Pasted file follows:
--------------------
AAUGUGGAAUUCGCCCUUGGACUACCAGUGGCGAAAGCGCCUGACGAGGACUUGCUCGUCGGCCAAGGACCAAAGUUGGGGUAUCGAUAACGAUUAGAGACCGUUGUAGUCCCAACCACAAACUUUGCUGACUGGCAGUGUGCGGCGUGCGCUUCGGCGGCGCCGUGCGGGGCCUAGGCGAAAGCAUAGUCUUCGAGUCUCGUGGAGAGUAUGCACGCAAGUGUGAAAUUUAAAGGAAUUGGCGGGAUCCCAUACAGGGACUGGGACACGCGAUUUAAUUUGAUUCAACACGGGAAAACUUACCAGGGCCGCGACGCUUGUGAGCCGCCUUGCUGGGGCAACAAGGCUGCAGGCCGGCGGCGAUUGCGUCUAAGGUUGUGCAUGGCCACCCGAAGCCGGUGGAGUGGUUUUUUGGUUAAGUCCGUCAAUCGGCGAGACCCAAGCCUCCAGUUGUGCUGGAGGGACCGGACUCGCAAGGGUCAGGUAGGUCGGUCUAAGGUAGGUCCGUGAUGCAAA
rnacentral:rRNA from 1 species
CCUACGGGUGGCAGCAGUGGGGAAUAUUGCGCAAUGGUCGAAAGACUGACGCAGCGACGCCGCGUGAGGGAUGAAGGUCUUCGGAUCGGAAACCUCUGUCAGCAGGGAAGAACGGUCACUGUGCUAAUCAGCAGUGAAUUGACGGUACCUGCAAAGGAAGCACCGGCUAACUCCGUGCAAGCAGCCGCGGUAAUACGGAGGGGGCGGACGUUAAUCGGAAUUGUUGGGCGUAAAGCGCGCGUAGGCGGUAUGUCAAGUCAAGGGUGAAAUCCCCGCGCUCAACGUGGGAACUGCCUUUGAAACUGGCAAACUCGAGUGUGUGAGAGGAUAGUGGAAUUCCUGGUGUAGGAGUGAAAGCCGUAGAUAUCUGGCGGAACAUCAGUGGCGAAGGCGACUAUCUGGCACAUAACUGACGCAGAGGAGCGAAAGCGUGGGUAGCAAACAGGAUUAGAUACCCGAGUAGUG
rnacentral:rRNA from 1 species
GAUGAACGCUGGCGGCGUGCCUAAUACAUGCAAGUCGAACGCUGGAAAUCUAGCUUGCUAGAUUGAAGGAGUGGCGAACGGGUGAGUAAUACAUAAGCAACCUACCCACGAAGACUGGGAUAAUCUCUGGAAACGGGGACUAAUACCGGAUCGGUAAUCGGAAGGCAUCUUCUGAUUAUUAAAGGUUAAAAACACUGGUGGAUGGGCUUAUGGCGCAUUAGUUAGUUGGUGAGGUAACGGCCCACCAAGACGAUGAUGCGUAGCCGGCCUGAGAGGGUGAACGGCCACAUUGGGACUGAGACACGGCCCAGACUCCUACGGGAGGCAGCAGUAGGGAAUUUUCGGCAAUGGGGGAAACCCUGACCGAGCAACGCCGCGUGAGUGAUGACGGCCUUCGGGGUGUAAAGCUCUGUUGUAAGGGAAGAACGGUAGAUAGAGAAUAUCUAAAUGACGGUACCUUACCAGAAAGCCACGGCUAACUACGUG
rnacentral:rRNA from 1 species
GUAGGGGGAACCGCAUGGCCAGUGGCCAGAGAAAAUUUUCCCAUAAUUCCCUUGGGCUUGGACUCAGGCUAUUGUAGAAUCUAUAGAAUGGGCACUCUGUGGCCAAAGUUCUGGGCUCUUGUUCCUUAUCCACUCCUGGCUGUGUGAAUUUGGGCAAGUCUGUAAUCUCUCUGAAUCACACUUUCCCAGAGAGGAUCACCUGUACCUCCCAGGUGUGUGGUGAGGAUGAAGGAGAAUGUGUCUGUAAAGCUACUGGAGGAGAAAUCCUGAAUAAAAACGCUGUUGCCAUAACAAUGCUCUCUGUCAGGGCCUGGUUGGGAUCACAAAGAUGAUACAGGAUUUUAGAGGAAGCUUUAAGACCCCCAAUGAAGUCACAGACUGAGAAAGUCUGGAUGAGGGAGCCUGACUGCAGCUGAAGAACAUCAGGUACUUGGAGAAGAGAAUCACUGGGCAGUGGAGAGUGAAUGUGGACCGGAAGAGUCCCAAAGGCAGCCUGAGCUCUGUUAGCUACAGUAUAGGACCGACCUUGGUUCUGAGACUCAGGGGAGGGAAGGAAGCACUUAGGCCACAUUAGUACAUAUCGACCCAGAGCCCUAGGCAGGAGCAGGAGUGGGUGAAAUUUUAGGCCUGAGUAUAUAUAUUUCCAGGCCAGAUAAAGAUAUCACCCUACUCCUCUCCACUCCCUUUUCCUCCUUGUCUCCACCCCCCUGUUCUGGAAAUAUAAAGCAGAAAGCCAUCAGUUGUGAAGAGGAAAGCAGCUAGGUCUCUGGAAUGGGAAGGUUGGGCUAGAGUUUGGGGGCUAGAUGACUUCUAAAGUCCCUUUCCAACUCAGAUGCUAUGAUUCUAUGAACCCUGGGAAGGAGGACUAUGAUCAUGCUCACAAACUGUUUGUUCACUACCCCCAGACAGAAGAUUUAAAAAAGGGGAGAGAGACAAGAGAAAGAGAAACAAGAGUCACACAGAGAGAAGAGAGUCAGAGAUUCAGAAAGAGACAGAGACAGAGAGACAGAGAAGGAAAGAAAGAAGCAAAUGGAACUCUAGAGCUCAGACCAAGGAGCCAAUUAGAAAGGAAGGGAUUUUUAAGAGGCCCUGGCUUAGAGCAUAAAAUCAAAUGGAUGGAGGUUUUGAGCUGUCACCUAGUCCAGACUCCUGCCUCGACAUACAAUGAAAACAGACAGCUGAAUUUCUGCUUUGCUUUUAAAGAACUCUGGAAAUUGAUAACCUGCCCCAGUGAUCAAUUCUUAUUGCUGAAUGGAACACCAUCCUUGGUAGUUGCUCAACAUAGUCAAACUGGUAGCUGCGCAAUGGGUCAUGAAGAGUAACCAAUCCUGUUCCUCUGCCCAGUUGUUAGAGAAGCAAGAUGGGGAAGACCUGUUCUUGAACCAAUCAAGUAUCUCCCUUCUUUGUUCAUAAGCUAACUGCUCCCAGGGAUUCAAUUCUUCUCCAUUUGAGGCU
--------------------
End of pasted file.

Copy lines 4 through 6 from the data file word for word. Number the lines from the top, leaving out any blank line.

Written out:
rnacentral:rRNA from 1 species
GAUGAACGCUGGCGGCGUGCCUAAUACAUGCAAGUCGAACGCUGGAAAUCUAGCUUGCUAGAUUGAAGGAGUGGCGAACGGGUGAGUAAUACAUAAGCAACCUACCCACGAAGACUGGGAUAAUCUCUGGAAACGGGGACUAAUACCGGAUCGGUAAUCGGAAGGCAUCUUCUGAUUAUUAAAGGUUAAAAACACUGGUGGAUGGGCUUAUGGCGCAUUAGUUAGUUGGUGAGGUAACGGCCCACCAAGACGAUGAUGCGUAGCCGGCCUGAGAGGGUGAACGGCCACAUUGGGACUGAGACACGGCCCAGACUCCUACGGGAGGCAGCAGUAGGGAAUUUUCGGCAAUGGGGGAAACCCUGACCGAGCAACGCCGCGUGAGUGAUGACGGCCUUCGGGGUGUAAAGCUCUGUUGUAAGGGAAGAACGGUAGAUAGAGAAUAUCUAAAUGACGGUACCUUACCAGAAAGCCACGGCUAACUACGUG
rnacentral:rRNA from 1 species